Cost-Effectiveness of Health Research Study Participant Recruitment Strategies: A Systematic Review
This article synthesized findings from health research studies that evaluated the cost and effectiveness of different recruitment strategies to inform investigators on designing cost-efficient clinical trials. Researchers identified 10 randomized studies that compared recruitment strategies, including monetary incentives (cash or prize), direct contact (letters or telephone call), and medical referral strategies. Only two of the 10 studies compared strategies for recruiting participants to clinical trials. Researchers found that allocating additional resources to recruit participants using monetary incentives or direct contact yielded between 4 percent and 23 percent more participants, compared to using neither strategy. For medical referral, recruitment of prostate cancer patients by nurses was cost-saving compared to recruitment by consultant urologists. For all study designs, monetary incentives cost more than direct contact with potential participants. Only monetary incentives and source of referral were evaluated for recruiting participants into clinical trials. The authors concluded that systematic and explicit reporting of cost and effectiveness of recruitment strategies from randomized comparisons is required to aid investigators to select cost-efficient strategies for recruiting participants to health research studies including clinical trials.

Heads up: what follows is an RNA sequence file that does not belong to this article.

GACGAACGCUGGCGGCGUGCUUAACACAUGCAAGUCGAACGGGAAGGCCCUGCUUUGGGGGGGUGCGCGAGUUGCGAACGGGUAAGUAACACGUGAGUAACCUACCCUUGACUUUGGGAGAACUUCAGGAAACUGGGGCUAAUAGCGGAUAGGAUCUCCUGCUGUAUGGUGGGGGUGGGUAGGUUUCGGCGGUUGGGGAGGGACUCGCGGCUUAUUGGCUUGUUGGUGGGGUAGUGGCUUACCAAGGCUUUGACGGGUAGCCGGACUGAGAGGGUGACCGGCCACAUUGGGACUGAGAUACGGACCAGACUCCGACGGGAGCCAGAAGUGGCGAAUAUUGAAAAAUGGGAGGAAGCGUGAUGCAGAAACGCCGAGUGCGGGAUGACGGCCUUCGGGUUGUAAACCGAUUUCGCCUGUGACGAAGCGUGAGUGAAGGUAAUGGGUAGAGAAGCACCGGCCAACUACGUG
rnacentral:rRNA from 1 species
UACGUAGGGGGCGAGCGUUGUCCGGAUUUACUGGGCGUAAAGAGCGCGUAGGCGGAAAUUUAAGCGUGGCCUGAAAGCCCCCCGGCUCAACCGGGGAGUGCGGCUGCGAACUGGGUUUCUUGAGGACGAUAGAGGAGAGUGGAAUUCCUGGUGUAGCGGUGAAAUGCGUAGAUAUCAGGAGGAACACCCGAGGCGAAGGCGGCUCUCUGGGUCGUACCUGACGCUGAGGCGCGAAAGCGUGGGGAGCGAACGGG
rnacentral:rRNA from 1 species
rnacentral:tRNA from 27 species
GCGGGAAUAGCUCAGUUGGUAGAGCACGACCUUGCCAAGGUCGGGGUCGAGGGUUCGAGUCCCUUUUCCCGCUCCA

Huynh L, Johns B, Liu SH, et al. Cost-effectiveness of health research study participant recruitment strategies: A systematic review. Clinical Trials 2014;11(5):576-583.